I heard the news back then, oh boy

In 2001, I was in my recently purchased first home and my just as recently acquired unemployment status.  Just 3 days past my 3 days of severance, I sat in my spacious home office that Tuesday morning massively searching online for a job and scheduling networking meetings.  I was listening to KSTP-AM (talk radio - the social/edgy/viral/ media of that day) when (the late) Mark O’Connell announced “a private plane” had struck the Trade Center in New York.

Still in my work outfit of that day (running shorts and a wife beater), I headed into the living room and turned on the TV and flopped onto the couch.  Moments later,  I witnessed a second plane hit the other tower.  For the next 3 days, Max (my cat) and I remained similarly splayed on that couch watching all the gory details unfold on broadcast/cable news (primarily through the eyes the late Peter Jennings and the now retired Tom Brokow).  There was little else to do - my anemic job search ground to halt as quickly as civilian air traffic that day.

Who told you this guy was in here?

Fast forward to last night.

I am in the same room as 2001 – but now it is my master bedroom.  Max the cat is still there – but also my wife (who I did not know in 2001).  She was watching The Housewives of “Whatever” (since I was not paying attention).  

I had my headphones plugged into my iPad and had resumed streaming “The Sting” via Netflix (as I often use movies as sleep inducing white noise):

Billie: Who told you this guy was in here?
Lieutenant William Snyder: Nobody. I just know what kind of woman he likes. Going to check all the joy houses till I find him

The movie had just rolled by the above scene (with Charles Durning and Eileen Brennan) when a muted beep from a KSTP-TV “push notification” informed me that President Obama was about to speak.  Soon thereafter, we all knew why he was to speak.  It would be over an hour before he came to the podium – by which time both my wife and I had fallen asleep.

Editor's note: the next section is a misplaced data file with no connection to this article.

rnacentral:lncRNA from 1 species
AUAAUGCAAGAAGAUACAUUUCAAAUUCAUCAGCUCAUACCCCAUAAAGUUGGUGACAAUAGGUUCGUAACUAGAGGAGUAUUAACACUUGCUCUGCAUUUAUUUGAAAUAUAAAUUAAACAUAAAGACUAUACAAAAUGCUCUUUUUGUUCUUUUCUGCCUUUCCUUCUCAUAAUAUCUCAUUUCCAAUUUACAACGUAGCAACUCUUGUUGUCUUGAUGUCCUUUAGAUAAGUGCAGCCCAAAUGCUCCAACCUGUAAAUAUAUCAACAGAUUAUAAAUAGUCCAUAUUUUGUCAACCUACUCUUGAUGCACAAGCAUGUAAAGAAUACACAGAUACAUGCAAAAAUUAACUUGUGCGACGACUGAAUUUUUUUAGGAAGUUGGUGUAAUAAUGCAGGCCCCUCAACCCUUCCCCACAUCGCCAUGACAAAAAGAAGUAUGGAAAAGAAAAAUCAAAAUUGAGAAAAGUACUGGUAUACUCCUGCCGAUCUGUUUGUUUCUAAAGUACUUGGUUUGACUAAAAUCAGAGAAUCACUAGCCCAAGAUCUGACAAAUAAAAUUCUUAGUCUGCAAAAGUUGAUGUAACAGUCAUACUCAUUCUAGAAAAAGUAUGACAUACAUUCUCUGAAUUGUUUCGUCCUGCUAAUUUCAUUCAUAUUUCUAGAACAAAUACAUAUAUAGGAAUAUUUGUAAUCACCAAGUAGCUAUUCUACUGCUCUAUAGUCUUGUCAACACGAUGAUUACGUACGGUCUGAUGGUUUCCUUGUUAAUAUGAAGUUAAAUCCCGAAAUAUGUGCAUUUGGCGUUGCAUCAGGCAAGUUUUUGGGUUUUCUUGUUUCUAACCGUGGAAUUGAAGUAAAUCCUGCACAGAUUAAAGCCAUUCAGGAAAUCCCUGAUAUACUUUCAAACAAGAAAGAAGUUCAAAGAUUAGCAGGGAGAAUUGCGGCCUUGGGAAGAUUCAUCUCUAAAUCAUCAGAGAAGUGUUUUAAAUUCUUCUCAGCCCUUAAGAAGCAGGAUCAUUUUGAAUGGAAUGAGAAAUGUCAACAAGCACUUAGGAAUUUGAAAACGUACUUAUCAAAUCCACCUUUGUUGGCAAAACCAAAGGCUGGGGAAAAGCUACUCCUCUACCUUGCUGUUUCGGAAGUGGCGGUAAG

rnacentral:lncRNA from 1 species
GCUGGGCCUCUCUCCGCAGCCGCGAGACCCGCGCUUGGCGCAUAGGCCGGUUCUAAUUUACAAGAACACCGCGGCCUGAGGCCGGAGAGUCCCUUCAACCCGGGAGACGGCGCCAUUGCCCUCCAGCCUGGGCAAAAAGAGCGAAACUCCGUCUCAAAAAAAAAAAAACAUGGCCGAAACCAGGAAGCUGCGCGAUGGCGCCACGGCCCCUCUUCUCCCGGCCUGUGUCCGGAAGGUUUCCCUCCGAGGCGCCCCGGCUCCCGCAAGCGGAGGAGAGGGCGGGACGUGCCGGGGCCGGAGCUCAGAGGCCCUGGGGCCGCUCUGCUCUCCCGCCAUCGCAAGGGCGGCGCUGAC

The next day, reports chronicled (that like so many recent events around the globe) that Twitter was the source of the first credible reports. 

History has turned a page, ah-huh

As I am wont to do – linking and transitions filled my mind and my morning commute (although dressed in a real suit as I headed to a client site today). 

Of course, in 2001 I did not have a blog (let alone this one).  In 2021, I doubt I will.  What will be the social media killer app of that day? 

October 23, 2001 – one month after 9/11, the first iPod was introduced to the market (white only).  Many colors and variations of iPods, iPhones, iTouches and two iPads would follow. In 2020 – what will be the mass communication media platform of that day…the holodeck?.  If so – I hope I have the life size (virtual) Paul Newman and Robert Redford acting in my living room

There are countless other examples that remind us that drums keep pounding rhythm to the brain….

All I know is we don’t really know what is to come in technology and media that far in advance (although we get closer to the Jetsons and jetpacks every day).   All I know is that I look forward to the journey to come. 

Oh – and don’t worry.  My wife swears that Max will beat the odds and still be with us in 2021 (at a  spry 25 years old). 

Wednesday, March 2, 2011

Conjunction Junction – make that your function

If I was to sort and group my email Sent folder by Subject text, “30 Second World Famous Introduction” would be one of the most used texts.  I just finished sending another one of these networking “blind dates”.

I talked about this in a longer post in 2009 (20 Job Search Answers You Need To Know | #4 How do I start to network?) but I wanted to hit this specific topic again (because it is so important).